If the OIG's recommendations are acted upon they could adversely affect about 1,000 of the 1,300 critical access hospitals in 45 states that gained an "NP" exemption, which includes Margaret Mary Health in Batesville, IN.
Tim Putnam, CEO at Margaret Mary
Tim Putnam, CEO at Margaret Mary and the president of the Indiana Rural Health Association, says his 25-bed hospital is already reeling from the 2% cuts in Medicare mandated by the sequestrations. Further stripping the hospital of its critical access status and the funding that goes with it " would be a significant cut in reimbursement which would cause us to carefully evaluate services " for the older, sicker, poorer patient base the hospital serves.
"For us, the program has been successful. It has allowed us to remain a vibrant healthcare system. We have always felt we have been financially responsible and frugal and this will be a significant impact," Putnam says.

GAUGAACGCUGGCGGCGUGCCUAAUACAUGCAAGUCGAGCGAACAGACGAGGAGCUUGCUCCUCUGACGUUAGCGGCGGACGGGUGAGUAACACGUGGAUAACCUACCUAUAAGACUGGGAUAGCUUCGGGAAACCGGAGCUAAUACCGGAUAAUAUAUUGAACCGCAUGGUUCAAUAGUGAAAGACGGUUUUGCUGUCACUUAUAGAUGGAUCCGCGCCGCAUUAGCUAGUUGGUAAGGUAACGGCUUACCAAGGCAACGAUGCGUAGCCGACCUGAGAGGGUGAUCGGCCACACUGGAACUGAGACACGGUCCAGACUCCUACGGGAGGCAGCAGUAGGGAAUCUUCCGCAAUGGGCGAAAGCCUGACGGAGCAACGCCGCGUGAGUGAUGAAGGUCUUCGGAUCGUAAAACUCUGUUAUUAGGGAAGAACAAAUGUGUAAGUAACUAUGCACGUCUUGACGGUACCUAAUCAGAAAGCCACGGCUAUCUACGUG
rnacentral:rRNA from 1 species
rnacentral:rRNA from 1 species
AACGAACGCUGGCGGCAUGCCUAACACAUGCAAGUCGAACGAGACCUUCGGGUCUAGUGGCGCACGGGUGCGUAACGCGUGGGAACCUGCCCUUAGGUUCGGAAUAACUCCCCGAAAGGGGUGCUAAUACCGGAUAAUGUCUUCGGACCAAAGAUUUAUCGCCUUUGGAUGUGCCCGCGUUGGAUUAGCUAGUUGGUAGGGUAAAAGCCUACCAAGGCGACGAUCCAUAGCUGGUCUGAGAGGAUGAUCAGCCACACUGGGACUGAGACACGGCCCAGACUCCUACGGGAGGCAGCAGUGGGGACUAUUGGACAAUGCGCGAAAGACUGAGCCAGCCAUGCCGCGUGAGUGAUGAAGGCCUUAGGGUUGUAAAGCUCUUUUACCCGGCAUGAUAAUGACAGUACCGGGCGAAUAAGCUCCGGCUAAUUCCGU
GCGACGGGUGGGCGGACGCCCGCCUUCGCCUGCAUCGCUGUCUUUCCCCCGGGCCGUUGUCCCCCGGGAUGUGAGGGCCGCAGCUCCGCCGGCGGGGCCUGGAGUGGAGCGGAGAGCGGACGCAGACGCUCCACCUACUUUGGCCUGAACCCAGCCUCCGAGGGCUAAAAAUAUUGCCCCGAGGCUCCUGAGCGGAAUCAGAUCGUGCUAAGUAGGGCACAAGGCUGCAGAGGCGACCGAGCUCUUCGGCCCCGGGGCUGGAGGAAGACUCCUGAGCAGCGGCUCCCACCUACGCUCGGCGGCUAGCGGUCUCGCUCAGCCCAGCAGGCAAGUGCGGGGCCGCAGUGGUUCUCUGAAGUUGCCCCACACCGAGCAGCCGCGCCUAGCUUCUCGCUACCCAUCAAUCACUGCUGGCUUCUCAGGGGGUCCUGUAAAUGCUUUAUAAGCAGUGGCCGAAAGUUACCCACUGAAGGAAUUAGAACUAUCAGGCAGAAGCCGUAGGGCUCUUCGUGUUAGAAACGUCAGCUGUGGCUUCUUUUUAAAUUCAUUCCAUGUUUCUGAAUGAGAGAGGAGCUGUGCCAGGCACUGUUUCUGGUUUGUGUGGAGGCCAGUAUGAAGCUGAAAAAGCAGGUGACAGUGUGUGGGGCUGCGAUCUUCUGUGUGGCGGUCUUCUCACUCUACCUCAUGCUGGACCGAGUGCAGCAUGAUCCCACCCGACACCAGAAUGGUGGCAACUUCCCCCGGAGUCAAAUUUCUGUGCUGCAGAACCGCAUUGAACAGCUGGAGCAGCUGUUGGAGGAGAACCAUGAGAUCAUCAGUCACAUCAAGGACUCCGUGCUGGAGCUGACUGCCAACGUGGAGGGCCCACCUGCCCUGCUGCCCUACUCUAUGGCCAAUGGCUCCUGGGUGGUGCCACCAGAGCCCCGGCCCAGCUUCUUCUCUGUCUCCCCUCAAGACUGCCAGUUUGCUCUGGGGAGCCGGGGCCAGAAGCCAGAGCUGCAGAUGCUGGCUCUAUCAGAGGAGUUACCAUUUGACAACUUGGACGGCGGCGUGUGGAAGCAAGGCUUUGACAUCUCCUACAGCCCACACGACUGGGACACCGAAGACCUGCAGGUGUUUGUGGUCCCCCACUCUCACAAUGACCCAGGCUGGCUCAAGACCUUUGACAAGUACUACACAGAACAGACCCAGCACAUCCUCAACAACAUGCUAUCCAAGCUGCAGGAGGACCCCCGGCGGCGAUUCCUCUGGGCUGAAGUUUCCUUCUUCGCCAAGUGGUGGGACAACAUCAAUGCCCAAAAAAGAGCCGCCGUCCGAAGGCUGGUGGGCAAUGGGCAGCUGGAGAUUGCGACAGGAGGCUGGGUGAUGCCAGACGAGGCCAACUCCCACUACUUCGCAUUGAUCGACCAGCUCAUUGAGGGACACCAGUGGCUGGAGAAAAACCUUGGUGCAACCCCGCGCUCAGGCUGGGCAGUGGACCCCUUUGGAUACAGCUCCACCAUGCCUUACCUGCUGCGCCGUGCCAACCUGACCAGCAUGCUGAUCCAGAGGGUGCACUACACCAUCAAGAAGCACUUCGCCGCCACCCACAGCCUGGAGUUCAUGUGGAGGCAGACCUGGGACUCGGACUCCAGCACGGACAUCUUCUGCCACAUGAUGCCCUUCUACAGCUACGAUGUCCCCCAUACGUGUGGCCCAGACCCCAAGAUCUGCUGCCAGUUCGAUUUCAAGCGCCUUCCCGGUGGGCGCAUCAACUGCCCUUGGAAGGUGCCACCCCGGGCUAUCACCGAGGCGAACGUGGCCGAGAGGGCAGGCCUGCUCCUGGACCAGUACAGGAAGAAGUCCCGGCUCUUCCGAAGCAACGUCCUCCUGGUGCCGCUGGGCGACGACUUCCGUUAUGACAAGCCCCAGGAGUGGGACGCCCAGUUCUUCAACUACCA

Critical access hospitals are paid 101% of allowable costs, which sounds great on paper. But Putnam says "allowable" narrows when you read the fine print.
"Allowable costs eliminate all costs associated with legal fees, marketing, and things that are not provided for Medicare patients, " he says. " So the square footage in the gift shop has to be carved out of our cost report. Any portion of the cafeteria that is used to provide meals for family and guests that are not provided for patients has to be carved out. "